Now, it would be very tidious to come up with a set of ESLint rules for every JavaScript project. That’s why it’s possible to share them as libraries (node packages). There are various shareable ESLint configs out there, however, one of the most popular one is the Airbnb ESLint configuration based on Airbnb’s Style Guide. You can install the configuration in addition to all its peer dependencies with the following command on the command line from your project’s root directory:

npx install-peerdeps --dev eslint-config-airbnb

Afterward, you can introduce it in your .eslintrc configuration file for ESLint:

{
  "parser": "babel-eslint",
  "extends": ["airbnb"],
  "rules": {
    "max-len": [1, 70, 2, { "ignoreComments": true }]
  }
}

Note: It’s up to you to keep your own ESLint rules (e.g. max-len from before) to extend the ESLint rule set from Airbnb. However, my recommendation would not be to come with your own ESLint rules. Instead, pick one of the more popular ESLint configuration by large companies and follow their guidance. If you are already advanced in JavaScript, you (and your team) can start to add your own flavor to the ESLint rules by extending it or by coming up with a configuration entirely on your own.

{
  "parser": "babel-eslint",
  "extends": ["airbnb"]
}

After starting your application on the command line again or checking the output in your IDE/editor with an installed ESLint plugin/extension, you may see new ESLint warnings/errors popping up. That’s a good point in time to start fixing them.

Exercises:

  • Fix all your ESLint violations
  • Get to know other reputable ESLint configurations (e.g. Google, Standard) other than Airbnb’s ESLint configuration

How to disable ESLint Rules

Sometimes you might see a lot of ESLint rule violations on your command line or in your IDE/editor. Often it is up to you to fix them to follow the common best practices. However, whenever you are unsure about the ESLint warning, search it in your favorite search engine and evaluate whether you want to have this ESLint rule or not. You can either fix the warning in the mentioned source code file or remove/disable the rule altogether, if you think you don’t need it.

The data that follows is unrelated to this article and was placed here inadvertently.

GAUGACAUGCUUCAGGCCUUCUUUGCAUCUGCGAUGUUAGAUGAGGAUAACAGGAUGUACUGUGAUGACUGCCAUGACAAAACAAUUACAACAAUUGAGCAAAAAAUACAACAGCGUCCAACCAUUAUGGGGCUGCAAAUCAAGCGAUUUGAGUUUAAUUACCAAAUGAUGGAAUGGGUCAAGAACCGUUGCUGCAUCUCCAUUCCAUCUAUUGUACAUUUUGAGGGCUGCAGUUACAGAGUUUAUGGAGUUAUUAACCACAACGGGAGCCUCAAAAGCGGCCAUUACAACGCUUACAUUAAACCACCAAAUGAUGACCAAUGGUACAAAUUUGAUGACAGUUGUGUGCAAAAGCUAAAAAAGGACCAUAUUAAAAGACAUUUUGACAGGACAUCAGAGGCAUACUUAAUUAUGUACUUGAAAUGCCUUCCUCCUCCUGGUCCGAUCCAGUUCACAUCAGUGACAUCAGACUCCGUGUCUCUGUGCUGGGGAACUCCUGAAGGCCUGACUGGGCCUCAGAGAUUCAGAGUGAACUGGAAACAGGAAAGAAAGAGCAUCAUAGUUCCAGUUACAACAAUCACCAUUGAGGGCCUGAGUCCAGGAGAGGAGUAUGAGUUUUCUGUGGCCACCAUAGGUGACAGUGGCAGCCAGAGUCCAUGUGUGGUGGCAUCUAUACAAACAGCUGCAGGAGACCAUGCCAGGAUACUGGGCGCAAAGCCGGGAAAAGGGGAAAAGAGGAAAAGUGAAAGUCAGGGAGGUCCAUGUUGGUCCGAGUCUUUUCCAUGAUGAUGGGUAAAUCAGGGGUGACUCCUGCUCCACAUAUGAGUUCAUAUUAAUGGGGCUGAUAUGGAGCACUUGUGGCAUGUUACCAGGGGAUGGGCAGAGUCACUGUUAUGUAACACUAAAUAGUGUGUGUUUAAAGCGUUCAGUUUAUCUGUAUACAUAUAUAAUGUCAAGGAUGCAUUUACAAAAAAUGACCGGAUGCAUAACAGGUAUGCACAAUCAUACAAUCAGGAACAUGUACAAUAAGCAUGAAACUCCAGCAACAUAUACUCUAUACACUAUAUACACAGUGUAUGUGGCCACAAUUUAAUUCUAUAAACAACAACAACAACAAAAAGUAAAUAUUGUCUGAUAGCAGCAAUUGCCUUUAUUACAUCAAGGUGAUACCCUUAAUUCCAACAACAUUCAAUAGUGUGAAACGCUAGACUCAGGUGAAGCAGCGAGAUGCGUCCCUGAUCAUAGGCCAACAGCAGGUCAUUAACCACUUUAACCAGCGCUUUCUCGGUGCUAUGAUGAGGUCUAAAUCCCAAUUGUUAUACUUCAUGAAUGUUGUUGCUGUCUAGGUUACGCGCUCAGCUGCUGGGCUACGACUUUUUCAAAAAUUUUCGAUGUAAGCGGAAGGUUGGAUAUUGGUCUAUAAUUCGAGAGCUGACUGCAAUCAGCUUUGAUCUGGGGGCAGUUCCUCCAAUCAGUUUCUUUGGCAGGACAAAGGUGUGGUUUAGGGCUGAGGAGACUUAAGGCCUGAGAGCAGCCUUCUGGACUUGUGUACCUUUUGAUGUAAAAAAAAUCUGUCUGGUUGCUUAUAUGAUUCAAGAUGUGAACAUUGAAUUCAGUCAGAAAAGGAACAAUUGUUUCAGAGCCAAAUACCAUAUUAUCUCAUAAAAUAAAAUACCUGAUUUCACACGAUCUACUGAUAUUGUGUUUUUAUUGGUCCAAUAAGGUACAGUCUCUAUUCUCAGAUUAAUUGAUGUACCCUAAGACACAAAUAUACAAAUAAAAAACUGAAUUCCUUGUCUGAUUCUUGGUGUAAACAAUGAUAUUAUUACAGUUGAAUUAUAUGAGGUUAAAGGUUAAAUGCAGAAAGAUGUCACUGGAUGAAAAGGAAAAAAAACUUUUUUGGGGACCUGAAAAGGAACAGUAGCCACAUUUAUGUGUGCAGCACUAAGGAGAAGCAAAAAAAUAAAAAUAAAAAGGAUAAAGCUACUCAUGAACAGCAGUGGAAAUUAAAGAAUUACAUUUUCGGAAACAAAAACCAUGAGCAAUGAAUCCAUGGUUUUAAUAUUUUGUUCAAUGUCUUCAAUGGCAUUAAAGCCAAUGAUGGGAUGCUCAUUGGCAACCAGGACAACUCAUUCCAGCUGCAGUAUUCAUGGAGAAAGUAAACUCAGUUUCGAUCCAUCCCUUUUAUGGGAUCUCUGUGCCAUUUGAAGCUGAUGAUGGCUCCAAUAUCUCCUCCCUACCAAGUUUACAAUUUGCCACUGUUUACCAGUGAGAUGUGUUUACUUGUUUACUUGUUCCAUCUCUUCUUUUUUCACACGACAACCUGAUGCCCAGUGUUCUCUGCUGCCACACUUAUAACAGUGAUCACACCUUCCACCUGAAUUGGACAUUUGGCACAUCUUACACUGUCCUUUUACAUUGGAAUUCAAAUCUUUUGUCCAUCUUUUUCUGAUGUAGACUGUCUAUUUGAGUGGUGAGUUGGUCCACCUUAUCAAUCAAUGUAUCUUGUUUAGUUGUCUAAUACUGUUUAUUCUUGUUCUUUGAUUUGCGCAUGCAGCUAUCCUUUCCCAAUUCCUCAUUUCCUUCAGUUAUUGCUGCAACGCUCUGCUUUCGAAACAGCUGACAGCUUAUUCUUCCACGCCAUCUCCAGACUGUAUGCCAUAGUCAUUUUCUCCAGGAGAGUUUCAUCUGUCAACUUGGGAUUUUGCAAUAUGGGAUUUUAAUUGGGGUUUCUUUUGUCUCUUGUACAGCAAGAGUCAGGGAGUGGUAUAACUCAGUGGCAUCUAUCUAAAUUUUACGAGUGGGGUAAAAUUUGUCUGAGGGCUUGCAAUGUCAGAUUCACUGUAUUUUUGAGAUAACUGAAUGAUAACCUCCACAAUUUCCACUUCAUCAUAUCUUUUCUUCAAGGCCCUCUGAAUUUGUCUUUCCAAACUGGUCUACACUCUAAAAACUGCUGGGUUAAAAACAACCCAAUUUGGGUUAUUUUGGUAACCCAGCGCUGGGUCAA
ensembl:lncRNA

In case you want to remove a ESLint rule globally, just remove it from your .eslintrc file in case you specified it yourself and it doesn’t come from any popular style guide (e.g. Airbnb). If the latter is the case, you can only disable the rule. For instance, the no-unused-vars ESLint rule from Airbnb’s ESLint configuration could be disable the following way:

{
  "parser": "babel-eslint",
  "extends": ["airbnb"],
  "rules": {
    "no-unused-vars": 0
  }
}

However, you can also disable your own or extended ESLint rules in the respective source code file:

/* eslint-disable no-unused-vars */
const myUnusedVariable = 42;
/* eslint-enable no-unused-vars */

Also you can disable an ESLint rule in the whole or rest of a file by not enabling the ESLint rule again:

/* eslint-disable no-unused-vars */
const myUnusedVariable = 42;

Now, you should have all the ESLint knowledge at your hands to have a unified code style with best practices by using a popular ESLint configuration such as the one from Airbnb. You also know how to add your own rules, how to show violations in your IDE/editor/command line, how to fix violations, and how to remove/disable ESLint rules.

How to install ESLint globally

The tutorial has shown you how to install ESLint on a per project basis with npm install --save-dev eslint. Also you stepped through the whole process of setting up the ESLint configuration and installing a shareable ESLint configuration yourself. However, there is an more effortless way of doing it in the end. You can install ESLint globally to make it kinda accessible for all of your JavaScript projects with npm install -g eslint.

Still, once your JavaScript project is set up, you need to run eslint --init in the root directory of your project on the command line which will install a local copy of ESLint for your project again. Also you will see a command line prompt that you can step through to set up your ESLint configuration dynamically. In the end, that’s my recommended way of setting up ESLint for your JavaScript project.

Exercises:

  • Set up a new JavaScript project and run eslint --init yourself

This tutorial is part 1 of 3 in the series.